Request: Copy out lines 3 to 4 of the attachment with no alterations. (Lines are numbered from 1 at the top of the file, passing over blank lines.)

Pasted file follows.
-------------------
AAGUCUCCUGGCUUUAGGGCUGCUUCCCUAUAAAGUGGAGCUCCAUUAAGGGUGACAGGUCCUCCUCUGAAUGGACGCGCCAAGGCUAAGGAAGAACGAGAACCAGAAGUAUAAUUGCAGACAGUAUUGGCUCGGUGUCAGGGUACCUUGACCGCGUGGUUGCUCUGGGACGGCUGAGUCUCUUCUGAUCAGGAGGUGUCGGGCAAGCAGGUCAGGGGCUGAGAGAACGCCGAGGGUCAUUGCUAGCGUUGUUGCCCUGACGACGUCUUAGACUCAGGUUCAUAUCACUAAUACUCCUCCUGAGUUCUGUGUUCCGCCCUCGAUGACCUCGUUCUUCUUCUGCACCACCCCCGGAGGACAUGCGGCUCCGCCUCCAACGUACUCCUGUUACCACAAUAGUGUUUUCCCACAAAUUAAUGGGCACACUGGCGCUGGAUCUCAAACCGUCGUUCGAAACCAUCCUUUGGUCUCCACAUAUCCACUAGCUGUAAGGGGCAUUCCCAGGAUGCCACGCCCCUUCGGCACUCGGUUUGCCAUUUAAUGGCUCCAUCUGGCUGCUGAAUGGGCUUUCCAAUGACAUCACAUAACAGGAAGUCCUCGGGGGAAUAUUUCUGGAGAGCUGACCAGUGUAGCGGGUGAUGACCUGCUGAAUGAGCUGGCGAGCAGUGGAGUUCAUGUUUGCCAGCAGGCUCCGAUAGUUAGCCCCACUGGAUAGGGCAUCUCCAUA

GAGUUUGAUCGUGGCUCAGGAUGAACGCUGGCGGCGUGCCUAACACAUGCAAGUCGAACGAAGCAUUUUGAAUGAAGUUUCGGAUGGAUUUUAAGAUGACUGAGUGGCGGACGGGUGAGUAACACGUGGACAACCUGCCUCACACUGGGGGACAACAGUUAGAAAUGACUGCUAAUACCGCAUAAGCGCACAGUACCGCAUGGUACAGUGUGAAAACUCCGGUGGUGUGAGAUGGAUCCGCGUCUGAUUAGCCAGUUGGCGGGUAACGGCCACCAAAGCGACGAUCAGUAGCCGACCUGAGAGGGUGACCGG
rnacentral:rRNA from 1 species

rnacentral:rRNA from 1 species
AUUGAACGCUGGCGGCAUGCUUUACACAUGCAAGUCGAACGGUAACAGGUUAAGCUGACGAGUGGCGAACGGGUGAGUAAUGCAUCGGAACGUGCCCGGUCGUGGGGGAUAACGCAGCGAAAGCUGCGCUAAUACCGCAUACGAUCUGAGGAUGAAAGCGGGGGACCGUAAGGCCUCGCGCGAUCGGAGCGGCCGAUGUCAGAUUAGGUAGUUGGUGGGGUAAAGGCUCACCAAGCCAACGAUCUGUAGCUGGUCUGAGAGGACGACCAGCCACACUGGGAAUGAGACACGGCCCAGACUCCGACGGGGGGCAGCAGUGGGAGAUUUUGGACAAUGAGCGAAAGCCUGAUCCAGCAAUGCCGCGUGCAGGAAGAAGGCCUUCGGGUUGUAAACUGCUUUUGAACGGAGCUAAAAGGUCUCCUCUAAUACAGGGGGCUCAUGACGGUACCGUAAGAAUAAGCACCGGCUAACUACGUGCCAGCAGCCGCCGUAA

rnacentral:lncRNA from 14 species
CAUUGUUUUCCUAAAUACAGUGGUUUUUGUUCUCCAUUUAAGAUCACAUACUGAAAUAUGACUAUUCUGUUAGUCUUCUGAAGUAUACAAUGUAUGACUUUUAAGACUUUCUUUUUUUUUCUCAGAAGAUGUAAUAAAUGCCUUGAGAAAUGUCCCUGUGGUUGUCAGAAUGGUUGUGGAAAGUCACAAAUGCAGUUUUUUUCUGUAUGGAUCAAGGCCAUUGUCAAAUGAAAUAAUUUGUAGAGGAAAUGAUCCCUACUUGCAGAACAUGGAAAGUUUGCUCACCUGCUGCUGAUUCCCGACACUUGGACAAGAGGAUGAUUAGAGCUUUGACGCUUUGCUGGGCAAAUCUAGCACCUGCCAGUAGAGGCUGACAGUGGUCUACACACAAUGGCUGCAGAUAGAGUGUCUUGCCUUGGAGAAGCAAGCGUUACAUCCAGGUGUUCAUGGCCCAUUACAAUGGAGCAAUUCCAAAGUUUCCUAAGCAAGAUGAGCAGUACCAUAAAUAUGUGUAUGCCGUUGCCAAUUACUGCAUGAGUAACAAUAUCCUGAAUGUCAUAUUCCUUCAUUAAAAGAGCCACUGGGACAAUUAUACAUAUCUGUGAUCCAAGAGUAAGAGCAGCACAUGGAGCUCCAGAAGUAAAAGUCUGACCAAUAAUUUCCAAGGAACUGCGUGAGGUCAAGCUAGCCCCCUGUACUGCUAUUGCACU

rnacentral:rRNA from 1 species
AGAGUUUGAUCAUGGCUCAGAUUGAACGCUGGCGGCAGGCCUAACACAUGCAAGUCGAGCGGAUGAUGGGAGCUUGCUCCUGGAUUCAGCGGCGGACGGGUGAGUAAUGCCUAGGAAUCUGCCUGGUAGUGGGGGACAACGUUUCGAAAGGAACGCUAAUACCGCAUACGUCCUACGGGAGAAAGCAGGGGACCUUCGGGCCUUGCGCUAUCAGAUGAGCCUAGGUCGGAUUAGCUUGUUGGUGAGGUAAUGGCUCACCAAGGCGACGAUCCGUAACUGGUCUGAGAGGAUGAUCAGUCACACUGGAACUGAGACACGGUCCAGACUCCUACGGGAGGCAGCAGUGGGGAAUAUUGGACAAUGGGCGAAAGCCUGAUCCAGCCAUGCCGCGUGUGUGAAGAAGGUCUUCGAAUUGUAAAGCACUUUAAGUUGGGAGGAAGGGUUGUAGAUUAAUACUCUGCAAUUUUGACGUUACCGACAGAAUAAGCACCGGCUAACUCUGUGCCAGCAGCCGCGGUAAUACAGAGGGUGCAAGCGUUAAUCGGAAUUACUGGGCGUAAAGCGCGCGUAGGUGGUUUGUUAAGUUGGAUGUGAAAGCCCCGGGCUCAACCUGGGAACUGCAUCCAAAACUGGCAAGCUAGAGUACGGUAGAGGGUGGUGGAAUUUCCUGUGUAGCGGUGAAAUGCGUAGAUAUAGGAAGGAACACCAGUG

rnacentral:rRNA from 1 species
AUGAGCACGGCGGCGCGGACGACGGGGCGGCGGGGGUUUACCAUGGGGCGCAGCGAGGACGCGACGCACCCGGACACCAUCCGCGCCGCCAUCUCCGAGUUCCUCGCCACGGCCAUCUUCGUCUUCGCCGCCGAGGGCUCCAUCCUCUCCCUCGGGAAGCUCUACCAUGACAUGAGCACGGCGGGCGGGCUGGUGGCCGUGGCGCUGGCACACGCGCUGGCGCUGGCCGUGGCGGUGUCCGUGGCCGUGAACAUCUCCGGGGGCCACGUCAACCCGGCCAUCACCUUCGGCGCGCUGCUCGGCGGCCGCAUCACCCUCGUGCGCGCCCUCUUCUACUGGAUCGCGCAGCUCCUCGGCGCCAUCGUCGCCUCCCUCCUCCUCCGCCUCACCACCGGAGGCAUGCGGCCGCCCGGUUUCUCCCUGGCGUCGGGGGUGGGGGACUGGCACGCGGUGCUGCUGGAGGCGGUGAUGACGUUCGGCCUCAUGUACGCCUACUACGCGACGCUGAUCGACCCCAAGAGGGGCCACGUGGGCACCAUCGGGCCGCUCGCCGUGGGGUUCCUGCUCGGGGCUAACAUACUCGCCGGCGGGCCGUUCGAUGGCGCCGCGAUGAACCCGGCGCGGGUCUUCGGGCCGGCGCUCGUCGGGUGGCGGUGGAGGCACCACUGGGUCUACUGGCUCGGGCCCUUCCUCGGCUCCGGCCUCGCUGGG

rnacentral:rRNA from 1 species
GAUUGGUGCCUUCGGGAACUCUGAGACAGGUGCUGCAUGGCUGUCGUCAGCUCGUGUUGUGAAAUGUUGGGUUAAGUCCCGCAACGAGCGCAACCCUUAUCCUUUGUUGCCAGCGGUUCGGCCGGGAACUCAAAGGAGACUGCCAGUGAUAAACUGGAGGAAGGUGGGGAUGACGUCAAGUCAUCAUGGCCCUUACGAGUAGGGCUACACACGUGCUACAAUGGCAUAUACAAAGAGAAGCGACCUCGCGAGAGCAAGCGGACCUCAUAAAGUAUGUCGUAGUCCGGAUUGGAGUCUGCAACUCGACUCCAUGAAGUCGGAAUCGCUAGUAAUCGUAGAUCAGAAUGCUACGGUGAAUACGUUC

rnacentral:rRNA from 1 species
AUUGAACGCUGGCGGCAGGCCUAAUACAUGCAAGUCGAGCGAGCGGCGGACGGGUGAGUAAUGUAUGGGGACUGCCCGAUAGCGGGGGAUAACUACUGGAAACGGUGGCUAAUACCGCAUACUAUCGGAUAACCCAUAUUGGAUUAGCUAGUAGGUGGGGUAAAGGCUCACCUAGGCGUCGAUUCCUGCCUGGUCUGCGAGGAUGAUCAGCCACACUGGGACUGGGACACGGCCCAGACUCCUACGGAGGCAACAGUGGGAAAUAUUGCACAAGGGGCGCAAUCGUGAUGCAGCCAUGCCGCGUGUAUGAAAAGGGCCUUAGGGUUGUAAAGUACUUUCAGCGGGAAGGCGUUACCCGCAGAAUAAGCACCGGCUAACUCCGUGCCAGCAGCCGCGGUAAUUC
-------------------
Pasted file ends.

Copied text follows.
rnacentral:rRNA from 1 species

rnacentral:rRNA from 1 species